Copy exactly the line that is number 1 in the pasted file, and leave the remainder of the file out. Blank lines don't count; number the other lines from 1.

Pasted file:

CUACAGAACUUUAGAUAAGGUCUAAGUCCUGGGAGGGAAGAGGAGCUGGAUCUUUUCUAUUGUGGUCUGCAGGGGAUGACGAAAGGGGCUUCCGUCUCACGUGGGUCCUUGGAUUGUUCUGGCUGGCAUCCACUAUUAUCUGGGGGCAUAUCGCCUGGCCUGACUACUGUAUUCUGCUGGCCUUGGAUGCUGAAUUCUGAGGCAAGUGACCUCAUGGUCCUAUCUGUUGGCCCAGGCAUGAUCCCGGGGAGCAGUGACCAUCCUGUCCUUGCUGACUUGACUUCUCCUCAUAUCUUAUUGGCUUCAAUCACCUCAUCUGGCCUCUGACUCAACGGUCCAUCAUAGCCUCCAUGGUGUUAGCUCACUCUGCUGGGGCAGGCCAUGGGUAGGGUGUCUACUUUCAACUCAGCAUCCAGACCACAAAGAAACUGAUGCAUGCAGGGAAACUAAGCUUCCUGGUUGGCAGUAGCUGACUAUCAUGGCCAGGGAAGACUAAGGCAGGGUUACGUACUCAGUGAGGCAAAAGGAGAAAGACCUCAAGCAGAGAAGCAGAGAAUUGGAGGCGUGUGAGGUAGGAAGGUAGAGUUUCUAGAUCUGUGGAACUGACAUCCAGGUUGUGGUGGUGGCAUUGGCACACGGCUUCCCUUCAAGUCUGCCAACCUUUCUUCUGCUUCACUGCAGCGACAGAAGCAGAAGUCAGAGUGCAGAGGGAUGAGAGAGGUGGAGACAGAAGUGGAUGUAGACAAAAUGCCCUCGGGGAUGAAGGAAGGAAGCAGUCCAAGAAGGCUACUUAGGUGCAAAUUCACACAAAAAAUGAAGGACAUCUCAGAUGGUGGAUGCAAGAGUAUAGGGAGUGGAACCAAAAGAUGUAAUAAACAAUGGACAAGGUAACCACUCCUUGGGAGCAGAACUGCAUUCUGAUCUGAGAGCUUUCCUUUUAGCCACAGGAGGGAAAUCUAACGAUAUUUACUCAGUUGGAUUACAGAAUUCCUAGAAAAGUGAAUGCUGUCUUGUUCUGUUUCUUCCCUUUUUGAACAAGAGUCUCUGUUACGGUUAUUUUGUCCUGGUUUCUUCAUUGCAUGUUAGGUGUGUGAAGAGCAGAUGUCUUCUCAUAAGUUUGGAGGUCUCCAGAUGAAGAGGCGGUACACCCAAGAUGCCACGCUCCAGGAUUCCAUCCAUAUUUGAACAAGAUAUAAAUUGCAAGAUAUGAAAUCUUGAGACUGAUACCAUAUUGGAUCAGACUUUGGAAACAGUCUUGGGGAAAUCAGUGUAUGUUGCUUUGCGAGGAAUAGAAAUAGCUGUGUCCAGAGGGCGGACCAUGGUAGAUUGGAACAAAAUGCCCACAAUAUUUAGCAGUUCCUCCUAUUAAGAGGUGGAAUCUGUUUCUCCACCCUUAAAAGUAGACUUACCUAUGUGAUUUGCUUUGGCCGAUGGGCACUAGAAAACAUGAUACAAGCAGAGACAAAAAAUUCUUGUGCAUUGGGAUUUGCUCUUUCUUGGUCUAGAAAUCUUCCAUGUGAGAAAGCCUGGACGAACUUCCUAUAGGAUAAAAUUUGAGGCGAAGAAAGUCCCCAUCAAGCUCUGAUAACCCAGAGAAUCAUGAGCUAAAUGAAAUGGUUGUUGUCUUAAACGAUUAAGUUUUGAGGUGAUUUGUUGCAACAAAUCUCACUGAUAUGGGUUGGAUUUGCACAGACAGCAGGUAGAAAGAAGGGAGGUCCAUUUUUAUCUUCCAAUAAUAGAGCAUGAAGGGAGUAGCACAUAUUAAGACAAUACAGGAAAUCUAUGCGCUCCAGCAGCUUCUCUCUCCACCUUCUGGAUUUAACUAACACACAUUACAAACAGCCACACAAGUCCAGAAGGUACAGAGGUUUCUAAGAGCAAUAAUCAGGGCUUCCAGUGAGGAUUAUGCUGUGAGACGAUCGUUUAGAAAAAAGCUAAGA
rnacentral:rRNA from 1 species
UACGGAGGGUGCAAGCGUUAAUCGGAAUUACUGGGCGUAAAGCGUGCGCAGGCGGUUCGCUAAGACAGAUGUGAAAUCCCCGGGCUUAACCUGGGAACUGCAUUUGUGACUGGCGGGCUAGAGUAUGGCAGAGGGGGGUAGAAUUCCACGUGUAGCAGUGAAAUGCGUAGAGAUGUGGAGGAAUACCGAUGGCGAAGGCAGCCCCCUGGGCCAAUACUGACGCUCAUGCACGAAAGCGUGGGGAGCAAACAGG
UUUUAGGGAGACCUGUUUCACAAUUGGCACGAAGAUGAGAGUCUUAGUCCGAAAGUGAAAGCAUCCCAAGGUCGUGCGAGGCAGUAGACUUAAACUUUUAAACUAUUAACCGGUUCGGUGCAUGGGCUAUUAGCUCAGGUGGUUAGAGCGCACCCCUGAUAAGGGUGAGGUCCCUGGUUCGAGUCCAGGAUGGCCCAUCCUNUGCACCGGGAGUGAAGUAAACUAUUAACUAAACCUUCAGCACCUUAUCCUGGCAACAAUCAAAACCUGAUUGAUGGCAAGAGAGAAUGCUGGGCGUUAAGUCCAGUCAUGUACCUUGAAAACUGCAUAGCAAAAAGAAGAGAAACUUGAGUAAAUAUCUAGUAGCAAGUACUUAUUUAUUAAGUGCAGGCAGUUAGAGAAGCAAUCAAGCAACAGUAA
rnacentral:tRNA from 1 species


CUACAGAACUUUAGAUAAGGUCUAAGUCCUGGGAGGGAAGAGGAGCUGGAUCUUUUCUAUUGUGGUCUGCAGGGGAUGACGAAAGGGGCUUCCGUCUCACGUGGGUCCUUGGAUUGUUCUGGCUGGCAUCCACUAUUAUCUGGGGGCAUAUCGCCUGGCCUGACUACUGUAUUCUGCUGGCCUUGGAUGCUGAAUUCUGAGGCAAGUGACCUCAUGGUCCUAUCUGUUGGCCCAGGCAUGAUCCCGGGGAGCAGUGACCAUCCUGUCCUUGCUGACUUGACUUCUCCUCAUAUCUUAUUGGCUUCAAUCACCUCAUCUGGCCUCUGACUCAACGGUCCAUCAUAGCCUCCAUGGUGUUAGCUCACUCUGCUGGGGCAGGCCAUGGGUAGGGUGUCUACUUUCAACUCAGCAUCCAGACCACAAAGAAACUGAUGCAUGCAGGGAAACUAAGCUUCCUGGUUGGCAGUAGCUGACUAUCAUGGCCAGGGAAGACUAAGGCAGGGUUACGUACUCAGUGAGGCAAAAGGAGAAAGACCUCAAGCAGAGAAGCAGAGAAUUGGAGGCGUGUGAGGUAGGAAGGUAGAGUUUCUAGAUCUGUGGAACUGACAUCCAGGUUGUGGUGGUGGCAUUGGCACACGGCUUCCCUUCAAGUCUGCCAACCUUUCUUCUGCUUCACUGCAGCGACAGAAGCAGAAGUCAGAGUGCAGAGGGAUGAGAGAGGUGGAGACAGAAGUGGAUGUAGACAAAAUGCCCUCGGGGAUGAAGGAAGGAAGCAGUCCAAGAAGGCUACUUAGGUGCAAAUUCACACAAAAAAUGAAGGACAUCUCAGAUGGUGGAUGCAAGAGUAUAGGGAGUGGAACCAAAAGAUGUAAUAAACAAUGGACAAGGUAACCACUCCUUGGGAGCAGAACUGCAUUCUGAUCUGAGAGCUUUCCUUUUAGCCACAGGAGGGAAAUCUAACGAUAUUUACUCAGUUGGAUUACAGAAUUCCUAGAAAAGUGAAUGCUGUCUUGUUCUGUUUCUUCCCUUUUUGAACAAGAGUCUCUGUUACGGUUAUUUUGUCCUGGUUUCUUCAUUGCAUGUUAGGUGUGUGAAGAGCAGAUGUCUUCUCAUAAGUUUGGAGGUCUCCAGAUGAAGAGGCGGUACACCCAAGAUGCCACGCUCCAGGAUUCCAUCCAUAUUUGAACAAGAUAUAAAUUGCAAGAUAUGAAAUCUUGAGACUGAUACCAUAUUGGAUCAGACUUUGGAAACAGUCUUGGGGAAAUCAGUGUAUGUUGCUUUGCGAGGAAUAGAAAUAGCUGUGUCCAGAGGGCGGACCAUGGUAGAUUGGAACAAAAUGCCCACAAUAUUUAGCAGUUCCUCCUAUUAAGAGGUGGAAUCUGUUUCUCCACCCUUAAAAGUAGACUUACCUAUGUGAUUUGCUUUGGCCGAUGGGCACUAGAAAACAUGAUACAAGCAGAGACAAAAAAUUCUUGUGCAUUGGGAUUUGCUCUUUCUUGGUCUAGAAAUCUUCCAUGUGAGAAAGCCUGGACGAACUUCCUAUAGGAUAAAAUUUGAGGCGAAGAAAGUCCCCAUCAAGCUCUGAUAACCCAGAGAAUCAUGAGCUAAAUGAAAUGGUUGUUGUCUUAAACGAUUAAGUUUUGAGGUGAUUUGUUGCAACAAAUCUCACUGAUAUGGGUUGGAUUUGCACAGACAGCAGGUAGAAAGAAGGGAGGUCCAUUUUUAUCUUCCAAUAAUAGAGCAUGAAGGGAGUAGCACAUAUUAAGACAAUACAGGAAAUCUAUGCGCUCCAGCAGCUUCUCUCUCCACCUUCUGGAUUUAACUAACACACAUUACAAACAGCCACACAAGUCCAGAAGGUACAGAGGUUUCUAAGAGCAAUAAUCAGGGCUUCCAGUGAGGAUUAUGCUGUGAGACGAUCGUUUAGAAAAAAGCUAAGA